Wheat prices surged again last week, surpassing the highs of August, as global supply problems boosted demand for British wheat and the UK harvest was smaller than expected.
The delivered price of bread wheat had jumped to £204/tonne as BB went to press, up from a previous peak of £190/t in August when Russia first announced a ban on exports. The new high is likely to put further pressure on flour prices, which rose last month when Rank Hovis added £89.37 to a tonne of flour and other millers followed with price rises.
Prices have been driven up by a new announcement from Russia extending the wheat export ban until the end of next year’s harvest, coupled with a poor-quality German harvest, resulting in demand for British wheat.
Gary Sharkey, Rank Hovis’ head of procurement, predicted that 600,000 tonnes of British wheat will have been exported by the end of September with the UK’s exportable surplus for 2010/11 estimated to be just 800,000-1m tonnes. "There’s a danger that, by Christmas we will have used up that surplus and will have to start importing wheat, which could add as much as £40/tonne," he said.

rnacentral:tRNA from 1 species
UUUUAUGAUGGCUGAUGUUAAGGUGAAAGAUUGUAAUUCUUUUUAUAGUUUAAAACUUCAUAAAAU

Around 95% of the UK harvest had been brought in at the time of writing, with yields predicted to be 3-5% below the five-year average. However, the harvest was expected to be slightly higher than last year at 14.5-15m tonnes and crop quality is good.
Alex Waugh, director general of Nabim, said expectations about the size of the UK harvest were raised early in the year, due to good winter growing conditions and increased plantings, but a dry and cool spring and late summer rains had taken their toll.
Prices could be further affected by the US maize harvest, expected to be down on last year, and the Canadian harvest, which has been hit by frosts. "In the short term, there doesn’t seem to be much that will push prices down" said Waugh.
Lewis Wright, ADM Milling wheat director, said of the UK harvest: "Fundamentally there is a good-quality crop. This has led to great demand for UK wheat, which has resulted in competition between domestic and export markets."